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Larry Weber: Flight of the dragonflies

September is many things in the Northland. Later sunrises and earlier sunsets bring us closer to the Autumnal Equinox (Sept. 23). Shorter days usher in cooler temperatures. And, with these feelings of fall, our lives change. School starts along w...

September is many things in the Northland. Later sunrises and earlier sunsets bring us closer to the Autumnal Equinox (Sept. 23). Shorter days usher in cooler temperatures. And, with these feelings of fall, our lives change. School starts along with a new group of sports and we settle down to a different lifestyle.

Critters respond as well. Throughout these beautiful days of a colorful cooling month, we see squirrels gathering the newly-fallen acorns. Snakes and frogs are on their way to find a place to spend winter. Birds are migrating. Anyone with an eye on the sky at this time will note their movements. Flocks of Canada geese may be the loudest, but other flyers abound as well. Shorebirds line up along our lakes. (The current drought has given more space for these birds to pause on their southing trek.) Warblers along with vireos, thrushes and sparrows move through our yards and woods as they, too, head to warmer climes.

For many of us, seeing the migration of September means a trip to Hawk Ridge. Here in the comfort of the viewing site, we're able to marvel at the kettles of broad-winged hawks or the unending passage of sharp-shinned hawks.

But those of us watching this avian display are likely to see some non-avians here, too. During a mild day, hundreds of dragonflies will be seen over the hills on a trip of their own. At times the dragonflies outnumber the birds. Dragonflies are abundant and varied in our region, but, by this time of year, basically only two kinds are still around: the small, often red, meadowhawks and the large darners, especially green darners.

When it comes to insect migration, most of us think of and are familiar with the flight of the monarch.

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Certainly one of the best known and loved of all insects, the monarchs do perform an amazing annual flight of more than 2,000 miles over two generations; but they are not alone among the butterflies. The lesser known painted ladies travel a yearly route too, though theirs is shorter and not as consistent. And the green darners show us that insect migration extends beyond butterflies.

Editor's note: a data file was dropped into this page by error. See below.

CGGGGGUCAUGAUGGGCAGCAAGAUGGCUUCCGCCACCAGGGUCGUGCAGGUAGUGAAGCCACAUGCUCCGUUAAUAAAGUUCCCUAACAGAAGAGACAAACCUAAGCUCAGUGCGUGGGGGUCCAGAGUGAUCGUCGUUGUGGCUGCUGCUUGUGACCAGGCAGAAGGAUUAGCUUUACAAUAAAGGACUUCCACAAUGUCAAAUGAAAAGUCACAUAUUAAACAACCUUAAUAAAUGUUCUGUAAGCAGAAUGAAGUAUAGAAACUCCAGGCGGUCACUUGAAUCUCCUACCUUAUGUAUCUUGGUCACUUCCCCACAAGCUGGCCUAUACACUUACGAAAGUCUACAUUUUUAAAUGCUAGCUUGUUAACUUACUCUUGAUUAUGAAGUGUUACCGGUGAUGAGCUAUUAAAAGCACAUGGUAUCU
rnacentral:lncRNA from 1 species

Each fall, starting in August, the young of the year head down the shore by the thousands. On a recent late August trip, I happened to be at Split Rock when I was surrounded by such a flight. South winds slowed the flight and sent the travelers by the hundreds into the bay where I was. Such huge numbers continue their movement into September. These juvenile dragonflies winter in the southern states where they mature, lay eggs and die. Their offspring emerge in early spring and return to the Northland where they are typically the first dragonflies of spring, appearing in mid- to late-April.

Most fly high over us and, in true dragonfly fashion, never seem to stop. They snack on a variety of insects along the way. We usually don't see them too closely.

If, however, we come across resting ones (usually in early morning), a better look reveals big eyes, a green thorax with four clear wings extending sideways and a long reddish-brown abdomen. We'd be impressed by their three-inch length.

But mostly we'll see them moving overhead during this September flight of the Green Dragons.

Larry Weber is the author of the "Backyard Almanac." He lives in Carlton County and teaches natural science at Duluth's Marshall School.

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